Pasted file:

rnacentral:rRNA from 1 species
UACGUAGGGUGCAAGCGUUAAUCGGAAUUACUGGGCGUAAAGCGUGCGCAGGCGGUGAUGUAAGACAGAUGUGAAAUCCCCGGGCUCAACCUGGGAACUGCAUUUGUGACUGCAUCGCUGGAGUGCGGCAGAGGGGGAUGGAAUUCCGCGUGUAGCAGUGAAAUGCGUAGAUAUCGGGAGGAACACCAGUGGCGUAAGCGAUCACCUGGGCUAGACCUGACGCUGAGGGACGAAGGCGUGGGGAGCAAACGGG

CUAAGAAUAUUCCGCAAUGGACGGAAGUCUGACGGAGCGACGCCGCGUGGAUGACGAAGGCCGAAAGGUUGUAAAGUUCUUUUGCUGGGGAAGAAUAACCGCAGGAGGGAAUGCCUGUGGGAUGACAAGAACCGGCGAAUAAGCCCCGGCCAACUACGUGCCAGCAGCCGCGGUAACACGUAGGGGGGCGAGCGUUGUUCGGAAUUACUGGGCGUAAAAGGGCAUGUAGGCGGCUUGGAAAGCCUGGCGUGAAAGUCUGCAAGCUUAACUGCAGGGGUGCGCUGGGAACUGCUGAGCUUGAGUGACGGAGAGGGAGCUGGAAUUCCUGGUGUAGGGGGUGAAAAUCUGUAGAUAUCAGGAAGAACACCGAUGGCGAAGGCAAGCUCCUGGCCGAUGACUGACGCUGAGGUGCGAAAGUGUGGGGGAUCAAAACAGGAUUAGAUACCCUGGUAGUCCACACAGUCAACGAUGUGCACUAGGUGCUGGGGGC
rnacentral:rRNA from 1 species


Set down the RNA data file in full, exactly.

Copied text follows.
rnacentral:rRNA from 1 species
UACGUAGGGUGCAAGCGUUAAUCGGAAUUACUGGGCGUAAAGCGUGCGCAGGCGGUGAUGUAAGACAGAUGUGAAAUCCCCGGGCUCAACCUGGGAACUGCAUUUGUGACUGCAUCGCUGGAGUGCGGCAGAGGGGGAUGGAAUUCCGCGUGUAGCAGUGAAAUGCGUAGAUAUCGGGAGGAACACCAGUGGCGUAAGCGAUCACCUGGGCUAGACCUGACGCUGAGGGACGAAGGCGUGGGGAGCAAACGGG

CUAAGAAUAUUCCGCAAUGGACGGAAGUCUGACGGAGCGACGCCGCGUGGAUGACGAAGGCCGAAAGGUUGUAAAGUUCUUUUGCUGGGGAAGAAUAACCGCAGGAGGGAAUGCCUGUGGGAUGACAAGAACCGGCGAAUAAGCCCCGGCCAACUACGUGCCAGCAGCCGCGGUAACACGUAGGGGGGCGAGCGUUGUUCGGAAUUACUGGGCGUAAAAGGGCAUGUAGGCGGCUUGGAAAGCCUGGCGUGAAAGUCUGCAAGCUUAACUGCAGGGGUGCGCUGGGAACUGCUGAGCUUGAGUGACGGAGAGGGAGCUGGAAUUCCUGGUGUAGGGGGUGAAAAUCUGUAGAUAUCAGGAAGAACACCGAUGGCGAAGGCAAGCUCCUGGCCGAUGACUGACGCUGAGGUGCGAAAGUGUGGGGGAUCAAAACAGGAUUAGAUACCCUGGUAGUCCACACAGUCAACGAUGUGCACUAGGUGCUGGGGGC
rnacentral:rRNA from 1 species